Thank you Rosemary Barton and MP Celina Caesar-Chavannes


Celina Caesar-Chavannes appeared tonight on CBC Power and Politics with host Rosemary Barton.  She was there to discuss her experiences with depression, before and since becoming MP for Whitby and Prime Minister Justin Trudeau’s Parliamentary Secretary.

Rosemary’s thorough, careful questions brought out responses I could relate to in my own experience – and even in present circumstances.

Sitting around in my “lounge pants” and t-shirt, unwashed.

Recognizing the signs of depression in these and other ways.  Maybe I’ll do something about it, rather than wait for my scheduled psychiatric appointment.

It doesn’t seem like it’s enough to know what’s going on.

I do not feel like I am a danger to myself or anyone else. That’s probably important to note.

I really want to thank Rosemary and Celina.  In this approaching season of “Let’s Talk.”

1,013 followers – questions?


I don’t know who you all are, but the blog machine tells me there are 1,013 of you following me here.  You can also find me, Kenn Chaplin, on Facebook.

You’ll know that I haven’t been writing much lately so, might I ask, if you have any questions for me?

I’m back, breaking my blogging fast


Facebook, with its at-best superficial ways of linking me to my world, has taken me away from greater reflection possible in this blog so…I’m back – on my journey here.

The past few weeks I have been involved with the Youth/Elders Project, a joint effort of Buddies in Bad Times Theatre, the 519 Community Centre and the Senior Pride Network. We are a group of queer-identified people – youth, up to 25 years old, and elder folk 55 years and up.

We have been meeting separately in our age cohorts, either at Buddies or the 519, and will continue to do so except for occasions like this past Saturday when we met en masse for the first time.

The highlight of Saturday, for me, was a speed-dating style exercise in which youth sat with the rest of us, one-on-one, to discuss things such as early queer role models, or lack thereof, early cultural markers (or landmines), and things such as favourite films and TV shows.

F. asked me about films about AIDS.  I could only come up with two – Philadelphia, which I saw with my friend Chaz the week that Jim died, and Longtime Companion, which Jim and I reviewed over and over in our minds the night that Terry died.

I forgot all about Angels in America – which I loved!

We spoke of friendship – intimate friendship; Jim and me separated by death and F. separated by geography from his best buddy. No modern means of communication can match being in person. Tears were shed, hugs exchanged – it was a genuine moment of connection which I treasure still now, thinking about it.

Oh and we each have/had a gay brother.

It was an amazing three hours.

We return to our separate work-shopping this week, eager to meet again as the project evolves.

Walking the walk – with assistance


First there was the pre-Christmas illness. Then, while in Perth, I went for only one walk – to the pharmacy – in a town which normally calls out for long walks.  I even felt unsteady on my feet roaming around Mom’s big old house.

Mom, who has been using a walker  herself for a year or so, suggested I check into getting myself a walker once I returned home.

I did.  Yesterday. A walker from my community’s storage was made available to me.  I took to it like the proverbial duck to water, although I’m a tad tall for it.  I went out for some milk and bread, pushing/being pulled by my new friend, then walking the long way home to put some miles on it.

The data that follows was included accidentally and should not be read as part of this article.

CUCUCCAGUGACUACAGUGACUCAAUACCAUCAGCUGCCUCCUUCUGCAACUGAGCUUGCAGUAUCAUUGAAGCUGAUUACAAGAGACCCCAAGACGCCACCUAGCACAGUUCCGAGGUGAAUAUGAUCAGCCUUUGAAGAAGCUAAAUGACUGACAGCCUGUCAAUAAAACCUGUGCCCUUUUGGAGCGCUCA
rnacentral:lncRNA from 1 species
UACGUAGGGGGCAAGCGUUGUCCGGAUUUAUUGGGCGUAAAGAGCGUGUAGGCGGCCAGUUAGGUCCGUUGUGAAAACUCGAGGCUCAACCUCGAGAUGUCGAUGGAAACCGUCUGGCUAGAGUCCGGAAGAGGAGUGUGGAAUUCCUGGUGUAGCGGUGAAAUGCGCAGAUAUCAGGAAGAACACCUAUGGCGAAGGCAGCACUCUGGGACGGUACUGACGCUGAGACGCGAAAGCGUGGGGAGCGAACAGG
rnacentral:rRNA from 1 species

Last night, oblivious to what barriers I might encounter, I went to a meeting via the subway, folding and carrying the walker where necessary, happily taking the offered subway seat, then walking the several blocks from St. Clair station.

I am easing into it.  There are walks which I can easily do without help, so it may surprise people when on other occasions I present with the walker.

It helps me walk.  It gives me confidence.  Why would I worry about what anyone thinks about me using it.

‘Times Have Changed’ at 40 Wellesley St.E. #HIVnow


40 Wellesley St. E.
40 Wellesley St. E.

The latest ambitious awareness campaign by the AIDS Committee of Toronto (ACT), #HIVnow, “asks big questions, puts forward honest answers and issues clear calls to action”.

The “Times have changed” theme comes to mind as I watch the slow demolition of 40 Wellesley Street East, a medical offices building where I learned of my HIV status in 1989 and received medical care there for several years. Hundreds – thousands even – of HIV/AIDS patients were seen in these offices at the height of the crisis in the early 1990s.

If those demolished walls could talk…

Guess what’s next for 40 Wellesley.

Drop-kicking HIV/AIDS stigma to the curb


“This December I found a mass the size of a cantaloupe in my lung…I used social media to express my feelings without having to burden my family and friends.

I’d like to write a feature…that explores the way the Internet has changed the way we view illnesses, both visible and invisible, and how it’s changed our acceptance of grief and death…”

-Teresa Sarga

As I first reported on Facebook last week I had the opportunity to be interviewed by Teresa Sarga, a journalist and blogger from Syracuse, New York, about blogging as a person living with HIV/AIDS “…and more”.  The issue of stigma is being unearthed and critically examined more and more lately, which is a good thing.

I’ve decided that, so long as I am open, I am not letting stigma thwart me.

Stigma surrounding HIV/AIDS, in my case, began with me.

If anyone deserves AIDS, I told myself, long before I tested positive for the Human Immunodeficiency Virus, I do.

What a statement with which to live my life.

Fortunately I am able to unpack it:

-as if anyone deserves AIDS (or cancer or heart disease or diabetes)

-as if disease and illness discriminate